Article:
My wonderful brother recently moved to the Republic of South Africa, so I took his upcoming birthday as an opportunity to assemble the my very first Paris - Cape Town parcel of love! As I've got word that the parcel arrived safely, and today is his birthday, here's a peek for you all of some of the crafty things inside.

To make his birthday card, I embroidered (of course!) his name, cut a hole in the card stock, burned the edges of the holes (in efforts to make the imperfect hole look intentional!) and glued the embroidery behind.

Pierre is an outdoorsy, nature loving, x-treme sporting, diving with the sharks and hiking to the sky type of radically awesome person - so being the practical sister I am I personalized a stainless steel water bottle for him with his initials to take along on his adventures. The thing is that NOTHING sticks to stainless steel! After much research and development, trial and error, I'm happy to report to you all that nail polish does in fact stick to stainless steel... at least for now!

My brother, I'm sending you boat loads of sisterly love across the miles for your 22nd birthday! You are a stupendous man and I am REALLY looking forward to our hiking camping hanging safari adventure this summer together!

Wednesday, April 14, 2010

Sparkling Sampler

As you may or may not know, I've been taking a class in hand embroidery on Wednesday nights. The second semester has been dedicated to the luneville technique, which is a french technique from applying beads and sequins using a special little pointly needle-like hook called "le crochet de luneville".

The interesting thing about this technique is that you actually work on the back side of the fabric, applying the beads and sequins from underneath. Here's a little glimpse of the very first luneville project I did, a "sampler" of sorts using various beads, sequins and charms.

Full view of the sampler in progress, remember that this is the back side.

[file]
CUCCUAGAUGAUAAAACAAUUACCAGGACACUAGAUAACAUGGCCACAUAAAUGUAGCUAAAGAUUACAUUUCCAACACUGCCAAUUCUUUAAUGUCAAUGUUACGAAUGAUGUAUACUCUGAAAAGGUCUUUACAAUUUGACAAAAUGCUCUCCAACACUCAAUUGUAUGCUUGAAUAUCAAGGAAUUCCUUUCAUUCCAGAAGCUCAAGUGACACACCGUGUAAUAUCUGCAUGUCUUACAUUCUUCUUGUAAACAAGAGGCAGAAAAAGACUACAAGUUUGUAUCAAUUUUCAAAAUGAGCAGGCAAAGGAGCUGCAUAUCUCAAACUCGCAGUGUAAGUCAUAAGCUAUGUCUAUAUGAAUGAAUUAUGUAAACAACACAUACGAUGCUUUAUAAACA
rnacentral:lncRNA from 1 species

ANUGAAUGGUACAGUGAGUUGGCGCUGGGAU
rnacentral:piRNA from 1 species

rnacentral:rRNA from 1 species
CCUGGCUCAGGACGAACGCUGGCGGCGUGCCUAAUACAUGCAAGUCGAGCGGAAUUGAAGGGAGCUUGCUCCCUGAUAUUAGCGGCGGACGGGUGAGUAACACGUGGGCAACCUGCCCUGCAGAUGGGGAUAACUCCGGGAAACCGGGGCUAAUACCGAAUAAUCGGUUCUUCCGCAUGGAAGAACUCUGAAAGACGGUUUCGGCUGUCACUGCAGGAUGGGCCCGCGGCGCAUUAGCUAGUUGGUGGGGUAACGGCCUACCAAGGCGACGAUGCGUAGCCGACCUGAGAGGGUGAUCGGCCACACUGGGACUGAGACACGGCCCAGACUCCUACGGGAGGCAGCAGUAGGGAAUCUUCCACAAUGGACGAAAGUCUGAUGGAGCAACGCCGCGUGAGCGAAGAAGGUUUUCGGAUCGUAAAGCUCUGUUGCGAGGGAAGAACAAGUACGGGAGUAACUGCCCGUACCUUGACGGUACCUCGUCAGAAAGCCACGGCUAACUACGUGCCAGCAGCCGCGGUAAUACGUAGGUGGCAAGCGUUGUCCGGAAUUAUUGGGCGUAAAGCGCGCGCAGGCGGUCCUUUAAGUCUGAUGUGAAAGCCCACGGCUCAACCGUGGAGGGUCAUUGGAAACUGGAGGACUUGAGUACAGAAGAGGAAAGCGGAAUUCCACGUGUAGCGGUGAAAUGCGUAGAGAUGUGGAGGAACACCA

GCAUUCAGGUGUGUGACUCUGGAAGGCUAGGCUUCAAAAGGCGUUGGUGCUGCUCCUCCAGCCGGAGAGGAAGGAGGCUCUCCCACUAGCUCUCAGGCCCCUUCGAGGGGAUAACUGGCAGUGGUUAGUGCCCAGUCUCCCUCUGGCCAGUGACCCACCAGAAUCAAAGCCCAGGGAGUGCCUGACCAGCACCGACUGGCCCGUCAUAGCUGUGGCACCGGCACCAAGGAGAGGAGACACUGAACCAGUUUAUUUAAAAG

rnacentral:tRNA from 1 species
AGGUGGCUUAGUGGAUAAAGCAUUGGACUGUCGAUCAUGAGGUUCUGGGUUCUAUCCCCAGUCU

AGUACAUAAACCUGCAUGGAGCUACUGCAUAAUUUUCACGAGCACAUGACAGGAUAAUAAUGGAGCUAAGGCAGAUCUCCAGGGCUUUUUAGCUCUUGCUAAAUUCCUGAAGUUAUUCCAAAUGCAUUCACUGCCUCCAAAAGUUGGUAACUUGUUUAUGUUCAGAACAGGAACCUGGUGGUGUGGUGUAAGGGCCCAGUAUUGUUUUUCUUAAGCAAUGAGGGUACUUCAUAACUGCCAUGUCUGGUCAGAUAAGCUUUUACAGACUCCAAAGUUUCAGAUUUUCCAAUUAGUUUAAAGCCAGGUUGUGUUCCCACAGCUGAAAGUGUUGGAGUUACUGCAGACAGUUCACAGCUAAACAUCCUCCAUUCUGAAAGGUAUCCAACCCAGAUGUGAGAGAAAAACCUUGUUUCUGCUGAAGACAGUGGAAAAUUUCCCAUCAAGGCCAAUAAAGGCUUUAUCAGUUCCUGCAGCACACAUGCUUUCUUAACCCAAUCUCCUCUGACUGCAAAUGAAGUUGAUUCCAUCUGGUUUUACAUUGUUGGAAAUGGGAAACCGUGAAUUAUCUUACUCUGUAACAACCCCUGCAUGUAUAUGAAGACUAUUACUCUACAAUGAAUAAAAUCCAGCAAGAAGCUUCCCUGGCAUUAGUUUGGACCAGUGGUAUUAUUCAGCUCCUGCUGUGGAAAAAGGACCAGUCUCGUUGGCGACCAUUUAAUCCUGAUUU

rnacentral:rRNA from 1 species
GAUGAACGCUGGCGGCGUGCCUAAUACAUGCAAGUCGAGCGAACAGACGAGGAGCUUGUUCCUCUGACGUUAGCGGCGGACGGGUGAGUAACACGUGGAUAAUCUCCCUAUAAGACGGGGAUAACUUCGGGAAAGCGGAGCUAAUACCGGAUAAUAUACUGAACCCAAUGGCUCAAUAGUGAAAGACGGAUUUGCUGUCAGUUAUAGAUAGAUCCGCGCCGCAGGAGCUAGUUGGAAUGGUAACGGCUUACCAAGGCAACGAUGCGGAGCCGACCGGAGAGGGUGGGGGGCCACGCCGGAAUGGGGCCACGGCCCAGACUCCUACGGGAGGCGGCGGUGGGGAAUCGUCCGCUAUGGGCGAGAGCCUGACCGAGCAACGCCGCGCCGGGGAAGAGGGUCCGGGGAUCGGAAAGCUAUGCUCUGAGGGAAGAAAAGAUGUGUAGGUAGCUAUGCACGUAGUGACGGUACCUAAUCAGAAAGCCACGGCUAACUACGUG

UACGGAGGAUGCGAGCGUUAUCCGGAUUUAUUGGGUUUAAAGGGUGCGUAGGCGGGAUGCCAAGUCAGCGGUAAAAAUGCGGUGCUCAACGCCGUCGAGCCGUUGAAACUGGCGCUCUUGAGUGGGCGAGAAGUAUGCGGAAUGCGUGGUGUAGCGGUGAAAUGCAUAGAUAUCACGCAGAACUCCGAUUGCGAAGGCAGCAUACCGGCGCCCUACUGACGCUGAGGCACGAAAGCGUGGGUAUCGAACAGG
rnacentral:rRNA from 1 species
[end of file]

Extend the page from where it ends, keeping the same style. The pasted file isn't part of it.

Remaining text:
Zoom view: the tool is the crochet de luneville and the sequins that are on top are the ones being applied underneath.
Finally Finished - this is the front side
Zoom of Top Portion
Zoom of Bottom Portion

Monday, April 5, 2010

Getting By...

...with a little help from my friends!

I've got a wonderful friend named Ashley. Not only is she wonderful but she's very talented. And not only is she very talented, she's got a heart of Solid Plantimum 950...and calls me her friend also! (I've blogged about Ashley before - we've been friends since the days of Shoulder Garden...)

My beau was down at his parents one weekend to leave me to what I usually do in Paris on weekends by myself: make a HUGE arts & crafts apocalypse in the apartment... This time I enlisted the help of Ashley, moving only the location of the apocalypse to... her apartment!

I left Montmartre (chez moi) on Sunday afternoon and headed down to Invalides (chez elle) with a bag filled of DYI wedding supplies. The highlight of the afternoon was the both of us at the dining room table cutting out the fabric elements for our wedding invitations (Clarification: Beau & I, not Ashley & I), I on Bird Duty and Ashley on Tree Duty. Here are some photos of Ashley's skilled hands at work. If the fabric looks familiar, it's leftover from the pillows that I made for our apartment which happened to be the featured subject of my very first blog post! Keep checking back on the blog for the results of the assembled invitations!

And a big MERCI to Ashley for that wonderful afternoon together!You are a bijou by dear friend!